POULSBO — Medical professionals say early detection is key to beating cancer. A new type of test takes early detection a step further.
Peninsula Cancer Center is now offering to its established patients a genetic test developed by Color Genomics that can show if someone is at risk of hereditary cancer, so they can work with their doctors to reduce the likelihood that cancer will develop.
“This type of testing has an impact on your family as well,” said Carmelina Heydrich, licensed certified genetic counselor for Color Genomics.
If an individual’s test results come back positive, that patient’s first-degree family members over the age of 18 will be offered Color’s exam for $50 since there’s a 50 percent chance they too will carry that mutation.
Sarah Popelka, a Color Genomics clinical field specialist, said the testing can be particularly helpful to people who don’t know their family’s medical history.
Here’s how it works: A patient provides a saliva sample, which is taken to a lab, said Heydrich. The sample is analyzed for 30 types of genes and eight varieties of cancer. The results are returned in three to four weeks.
Dr. Berit Madsen, radiation oncologist and co-founder of Peninsula Cancer Center, said the results are private to the individual and are kept on file, and individuals who could potentially carry a hereditary cancer are notified of advancements in prevention and treatment.
Heydrich said Color Genomics worked closely with the medical genetics lab at University of Washington to develop the genetic test.
Earlier genetic tests cost as much as $4,000 per test. However, an earlier testing company lost its patent in 2013, opening the door for other companies like Color Genomics to create their own tests — and at a fraction of the cost. The exam offered by Color Genomics typically costs $249; for Peninsula Cancer Center’s established patients, it’s $149.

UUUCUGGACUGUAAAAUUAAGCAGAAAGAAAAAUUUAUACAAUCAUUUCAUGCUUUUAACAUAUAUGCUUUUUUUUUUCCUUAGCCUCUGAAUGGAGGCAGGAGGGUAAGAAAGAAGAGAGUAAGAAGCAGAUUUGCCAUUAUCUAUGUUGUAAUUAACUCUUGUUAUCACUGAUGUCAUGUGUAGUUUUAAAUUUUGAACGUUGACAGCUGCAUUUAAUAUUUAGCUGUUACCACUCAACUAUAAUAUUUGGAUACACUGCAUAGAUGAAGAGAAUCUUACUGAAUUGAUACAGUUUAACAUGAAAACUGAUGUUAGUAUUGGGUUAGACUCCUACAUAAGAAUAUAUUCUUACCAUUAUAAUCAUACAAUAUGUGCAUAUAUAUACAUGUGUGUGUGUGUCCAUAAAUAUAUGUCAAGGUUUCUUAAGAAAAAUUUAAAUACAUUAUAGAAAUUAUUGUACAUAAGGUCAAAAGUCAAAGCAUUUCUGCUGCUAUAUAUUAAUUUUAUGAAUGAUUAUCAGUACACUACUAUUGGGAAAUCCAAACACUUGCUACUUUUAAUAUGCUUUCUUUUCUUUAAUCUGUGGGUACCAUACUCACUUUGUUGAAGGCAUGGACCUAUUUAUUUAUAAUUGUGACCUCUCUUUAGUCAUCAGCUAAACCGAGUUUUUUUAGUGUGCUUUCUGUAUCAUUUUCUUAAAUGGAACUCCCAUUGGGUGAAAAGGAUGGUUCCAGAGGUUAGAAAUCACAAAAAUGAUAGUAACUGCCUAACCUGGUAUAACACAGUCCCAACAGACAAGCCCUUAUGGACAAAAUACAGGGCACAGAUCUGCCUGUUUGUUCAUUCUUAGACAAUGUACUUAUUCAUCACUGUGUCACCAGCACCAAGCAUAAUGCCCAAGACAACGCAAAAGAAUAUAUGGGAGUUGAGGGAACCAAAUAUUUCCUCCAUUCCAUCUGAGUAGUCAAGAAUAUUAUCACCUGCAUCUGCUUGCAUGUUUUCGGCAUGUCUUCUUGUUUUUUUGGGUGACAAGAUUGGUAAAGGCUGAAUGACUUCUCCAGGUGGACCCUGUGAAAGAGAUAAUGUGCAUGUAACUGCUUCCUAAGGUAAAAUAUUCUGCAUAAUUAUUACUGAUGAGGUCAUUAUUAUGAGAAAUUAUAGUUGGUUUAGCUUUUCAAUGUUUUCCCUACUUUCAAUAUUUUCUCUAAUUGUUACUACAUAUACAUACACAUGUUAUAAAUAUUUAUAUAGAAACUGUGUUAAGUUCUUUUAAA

Popelka said her company is working to “democratize access to genetic cancer testing.”
Heydrich said of her company’s involvement in driving down testing prices, “It’s really exciting to see. Even if you have $4,000, that doesn’t necessarily mean you’re going to want to spend it on a test.”
Cancer is the second-leading cause of death in the U.S., according to the Centers for Disease Control and Prevention. And knowledge of family history is a powerful weapon.
Popelka told a story of an employee at Color Genomics that took the test. During the employee’s second pregnancy, she felt a lump in a breast, which her doctors thought was an inflammation. Because of what she learned from her genetic test, she pushed back and asked for a biopsy a couple days after giving birth. The inflammation turned out to be a tumor, and she successfully underwent treatment.
Popelka said testing positive doesn’t necessarily mean you’ll get cancer, and testing negative doesn’t necessarily mean you won’t. Rather, it means those tested can be more aware and, in some cases, be better prepared to take preventative measures.
In that way, Popelka said, the genetic tests are “99.9 percent effective.”
— Jacob Moore is a reporter for Kitsap News Group. Contact him at firstname.lastname@example.org.